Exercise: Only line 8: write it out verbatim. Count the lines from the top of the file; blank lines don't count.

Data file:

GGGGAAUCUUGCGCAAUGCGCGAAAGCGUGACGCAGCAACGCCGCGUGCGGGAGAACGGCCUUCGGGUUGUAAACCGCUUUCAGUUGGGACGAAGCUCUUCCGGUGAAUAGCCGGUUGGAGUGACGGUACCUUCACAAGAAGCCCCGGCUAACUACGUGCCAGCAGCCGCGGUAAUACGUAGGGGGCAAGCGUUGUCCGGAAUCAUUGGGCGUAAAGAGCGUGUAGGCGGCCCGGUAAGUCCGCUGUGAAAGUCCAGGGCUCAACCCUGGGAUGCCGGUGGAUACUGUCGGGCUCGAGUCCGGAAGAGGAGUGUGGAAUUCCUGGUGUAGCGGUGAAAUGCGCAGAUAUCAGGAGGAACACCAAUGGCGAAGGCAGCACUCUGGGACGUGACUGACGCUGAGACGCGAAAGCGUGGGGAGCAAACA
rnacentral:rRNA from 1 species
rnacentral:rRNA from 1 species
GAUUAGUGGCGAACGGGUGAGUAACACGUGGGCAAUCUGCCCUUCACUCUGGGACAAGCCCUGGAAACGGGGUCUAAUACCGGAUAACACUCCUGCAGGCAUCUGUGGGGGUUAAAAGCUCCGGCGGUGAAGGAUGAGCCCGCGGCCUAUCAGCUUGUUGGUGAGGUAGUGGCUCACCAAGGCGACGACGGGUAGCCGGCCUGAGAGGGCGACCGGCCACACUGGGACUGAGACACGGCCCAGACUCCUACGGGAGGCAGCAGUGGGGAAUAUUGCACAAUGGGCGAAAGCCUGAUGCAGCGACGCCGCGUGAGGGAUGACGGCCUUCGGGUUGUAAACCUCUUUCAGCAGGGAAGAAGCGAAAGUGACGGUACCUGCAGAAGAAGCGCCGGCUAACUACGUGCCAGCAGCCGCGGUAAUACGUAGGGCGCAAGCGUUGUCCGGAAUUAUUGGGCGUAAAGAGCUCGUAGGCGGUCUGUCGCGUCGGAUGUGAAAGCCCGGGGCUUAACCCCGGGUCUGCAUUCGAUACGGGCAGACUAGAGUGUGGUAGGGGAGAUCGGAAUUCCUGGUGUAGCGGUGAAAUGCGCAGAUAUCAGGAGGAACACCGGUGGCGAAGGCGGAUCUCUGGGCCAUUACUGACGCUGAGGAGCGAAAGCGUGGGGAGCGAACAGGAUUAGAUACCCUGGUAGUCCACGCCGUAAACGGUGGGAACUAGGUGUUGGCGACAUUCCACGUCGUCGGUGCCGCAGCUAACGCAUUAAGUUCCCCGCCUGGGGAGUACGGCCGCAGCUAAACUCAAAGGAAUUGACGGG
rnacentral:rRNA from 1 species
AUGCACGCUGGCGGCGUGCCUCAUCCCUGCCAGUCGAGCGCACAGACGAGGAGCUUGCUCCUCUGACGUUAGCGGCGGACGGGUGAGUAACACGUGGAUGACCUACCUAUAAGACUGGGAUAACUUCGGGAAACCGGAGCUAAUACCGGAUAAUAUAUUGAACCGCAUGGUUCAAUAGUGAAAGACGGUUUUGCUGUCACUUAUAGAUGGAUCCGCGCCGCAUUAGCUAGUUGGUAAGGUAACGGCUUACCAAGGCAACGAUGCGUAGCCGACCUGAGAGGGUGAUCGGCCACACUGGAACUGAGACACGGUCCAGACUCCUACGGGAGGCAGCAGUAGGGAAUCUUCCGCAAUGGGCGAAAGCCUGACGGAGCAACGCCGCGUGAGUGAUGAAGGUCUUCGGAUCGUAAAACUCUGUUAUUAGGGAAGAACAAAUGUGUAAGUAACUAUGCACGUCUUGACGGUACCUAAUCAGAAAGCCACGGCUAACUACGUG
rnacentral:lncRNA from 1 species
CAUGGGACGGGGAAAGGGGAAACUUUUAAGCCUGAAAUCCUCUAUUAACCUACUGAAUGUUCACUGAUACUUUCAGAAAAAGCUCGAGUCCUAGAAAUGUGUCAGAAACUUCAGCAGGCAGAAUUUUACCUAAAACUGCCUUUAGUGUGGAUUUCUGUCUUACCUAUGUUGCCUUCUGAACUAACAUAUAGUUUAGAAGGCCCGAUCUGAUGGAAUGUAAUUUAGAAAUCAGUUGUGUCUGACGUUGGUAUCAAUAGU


CAUGGGACGGGGAAAGGGGAAACUUUUAAGCCUGAAAUCCUCUAUUAACCUACUGAAUGUUCACUGAUACUUUCAGAAAAAGCUCGAGUCCUAGAAAUGUGUCAGAAACUUCAGCAGGCAGAAUUUUACCUAAAACUGCCUUUAGUGUGGAUUUCUGUCUUACCUAUGUUGCCUUCUGAACUAACAUAUAGUUUAGAAGGCCCGAUCUGAUGGAAUGUAAUUUAGAAAUCAGUUGUGUCUGACGUUGGUAUCAAUAGU